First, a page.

Strategies for Evaluating Treatment Effectiveness

  • Rowland P. Barrett
  • Patrick K. Ackles
  • Michel Hersen
Part of the Applied Clinical Psychology book series (NSSB)

Abstract

Beginning with the preface to this volume and continuing throughout the majority of its chapters, a heavy emphasis has been placed on the concept of empiricism and its role in the determination of treatment effectiveness. Simply put, the empirical model involves a quantifiable or data-based approach to clinical decision making that is heavily weighted by objective observation and yields information that is verifiable through replication. It is unfortunate that within many of the professional disciplines that serve mentally retarded clients, such as psychology, psychiatry, and special education, the empirical model is equated strictly with research and, all too often, is dismissed from its potentially valuable contribution to clinical practice, in general.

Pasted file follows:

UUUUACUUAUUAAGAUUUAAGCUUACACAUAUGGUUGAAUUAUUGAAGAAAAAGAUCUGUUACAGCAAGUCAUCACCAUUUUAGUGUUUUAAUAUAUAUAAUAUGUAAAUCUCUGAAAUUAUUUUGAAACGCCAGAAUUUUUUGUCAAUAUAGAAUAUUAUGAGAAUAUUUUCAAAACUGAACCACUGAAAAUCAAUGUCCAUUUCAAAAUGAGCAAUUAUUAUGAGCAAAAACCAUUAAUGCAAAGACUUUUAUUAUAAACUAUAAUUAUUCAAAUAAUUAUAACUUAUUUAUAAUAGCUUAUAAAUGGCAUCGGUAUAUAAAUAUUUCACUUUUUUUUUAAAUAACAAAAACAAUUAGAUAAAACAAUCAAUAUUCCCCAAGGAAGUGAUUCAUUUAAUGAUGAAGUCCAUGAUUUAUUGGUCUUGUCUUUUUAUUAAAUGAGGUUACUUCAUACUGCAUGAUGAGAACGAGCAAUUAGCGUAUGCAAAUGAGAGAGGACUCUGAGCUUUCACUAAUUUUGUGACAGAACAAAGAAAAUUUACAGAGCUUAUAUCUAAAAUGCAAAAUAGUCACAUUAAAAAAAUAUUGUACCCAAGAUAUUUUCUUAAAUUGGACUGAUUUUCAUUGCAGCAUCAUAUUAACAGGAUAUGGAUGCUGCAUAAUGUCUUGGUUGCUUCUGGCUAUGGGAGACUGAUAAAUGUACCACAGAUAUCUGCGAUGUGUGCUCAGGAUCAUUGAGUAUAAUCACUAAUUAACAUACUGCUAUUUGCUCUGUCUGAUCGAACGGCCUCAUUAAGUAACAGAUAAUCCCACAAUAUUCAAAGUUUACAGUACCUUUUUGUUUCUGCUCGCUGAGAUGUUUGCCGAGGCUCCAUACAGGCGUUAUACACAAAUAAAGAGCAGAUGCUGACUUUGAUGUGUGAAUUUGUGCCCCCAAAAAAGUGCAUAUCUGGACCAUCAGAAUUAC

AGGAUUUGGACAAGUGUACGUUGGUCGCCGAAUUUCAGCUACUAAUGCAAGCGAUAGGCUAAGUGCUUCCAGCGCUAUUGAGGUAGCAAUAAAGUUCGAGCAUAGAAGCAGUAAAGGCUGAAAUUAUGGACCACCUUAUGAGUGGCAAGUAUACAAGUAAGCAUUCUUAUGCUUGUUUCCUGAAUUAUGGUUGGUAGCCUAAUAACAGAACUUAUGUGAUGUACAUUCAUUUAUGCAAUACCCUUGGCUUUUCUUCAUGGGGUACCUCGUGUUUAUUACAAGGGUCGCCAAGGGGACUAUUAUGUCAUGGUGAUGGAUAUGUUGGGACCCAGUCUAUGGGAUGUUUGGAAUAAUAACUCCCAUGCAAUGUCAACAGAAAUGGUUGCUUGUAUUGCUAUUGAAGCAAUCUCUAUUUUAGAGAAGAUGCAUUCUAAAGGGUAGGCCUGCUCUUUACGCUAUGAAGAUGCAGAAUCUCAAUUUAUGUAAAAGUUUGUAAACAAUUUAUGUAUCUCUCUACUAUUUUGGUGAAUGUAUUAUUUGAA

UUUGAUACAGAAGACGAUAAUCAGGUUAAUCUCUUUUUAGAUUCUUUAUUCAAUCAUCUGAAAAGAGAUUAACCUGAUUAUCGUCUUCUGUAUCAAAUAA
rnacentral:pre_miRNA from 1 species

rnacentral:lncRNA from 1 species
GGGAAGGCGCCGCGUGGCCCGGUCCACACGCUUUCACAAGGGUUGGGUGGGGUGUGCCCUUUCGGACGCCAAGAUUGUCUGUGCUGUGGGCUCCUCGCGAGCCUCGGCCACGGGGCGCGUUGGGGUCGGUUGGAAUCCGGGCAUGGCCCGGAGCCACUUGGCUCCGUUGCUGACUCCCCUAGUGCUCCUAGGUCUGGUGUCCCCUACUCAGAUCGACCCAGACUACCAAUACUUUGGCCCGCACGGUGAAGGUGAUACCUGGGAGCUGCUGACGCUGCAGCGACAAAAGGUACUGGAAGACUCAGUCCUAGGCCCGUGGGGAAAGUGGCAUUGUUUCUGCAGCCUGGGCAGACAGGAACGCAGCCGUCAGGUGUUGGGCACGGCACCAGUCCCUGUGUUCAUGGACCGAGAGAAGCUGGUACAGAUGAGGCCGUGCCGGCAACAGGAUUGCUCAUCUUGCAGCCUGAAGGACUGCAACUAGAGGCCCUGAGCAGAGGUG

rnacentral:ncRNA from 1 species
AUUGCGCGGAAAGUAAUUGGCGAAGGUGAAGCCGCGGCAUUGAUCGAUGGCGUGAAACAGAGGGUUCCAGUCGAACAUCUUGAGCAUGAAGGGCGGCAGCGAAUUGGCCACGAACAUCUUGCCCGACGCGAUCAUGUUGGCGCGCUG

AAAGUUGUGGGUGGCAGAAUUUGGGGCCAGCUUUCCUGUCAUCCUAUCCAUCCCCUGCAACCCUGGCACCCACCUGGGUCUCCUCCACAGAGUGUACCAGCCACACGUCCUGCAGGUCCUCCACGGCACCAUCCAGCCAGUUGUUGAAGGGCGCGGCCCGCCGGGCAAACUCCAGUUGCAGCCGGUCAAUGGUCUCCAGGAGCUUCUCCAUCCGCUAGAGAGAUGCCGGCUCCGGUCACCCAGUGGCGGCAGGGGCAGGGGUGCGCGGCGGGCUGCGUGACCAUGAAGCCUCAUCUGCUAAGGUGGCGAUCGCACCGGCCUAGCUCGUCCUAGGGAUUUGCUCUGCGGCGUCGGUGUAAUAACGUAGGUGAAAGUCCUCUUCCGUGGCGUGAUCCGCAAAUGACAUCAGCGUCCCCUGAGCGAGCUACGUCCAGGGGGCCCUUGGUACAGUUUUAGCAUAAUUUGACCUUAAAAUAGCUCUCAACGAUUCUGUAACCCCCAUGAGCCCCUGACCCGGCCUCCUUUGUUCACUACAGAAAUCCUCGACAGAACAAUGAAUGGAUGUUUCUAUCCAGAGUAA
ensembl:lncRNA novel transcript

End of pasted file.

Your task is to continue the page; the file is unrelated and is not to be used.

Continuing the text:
Keywords

Problem Behavior Target Behavior Behavioral Assessment Apply Behavior Analysis Design Format 
These keywords were added by machine and not by the authors. This process is experimental and the keywords may be updated as the learning algorithm improves.

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Copyright information

© Springer Science+Business Media New York 1986

Authors and Affiliations

  • Rowland P. Barrett
    • 1
  • Patrick K. Ackles
    • 2
  • Michel Hersen
    • 3
  1. 1.Department of Psychiatry and Human BehaviorBrown University Program in Medicine, Emma Pendleton Bradley HospitalEast ProvidenceUSA
  2. 2.Illinois Institute for the Study of Developmental DisabilitiesUniversity of Illinois at ChicagoChicagoUSA
  3. 3.Department of Psychiatry, Western Psychiatric Institute and ClinicUniversity of Pittsburgh School of MedicinePittsburghUSA

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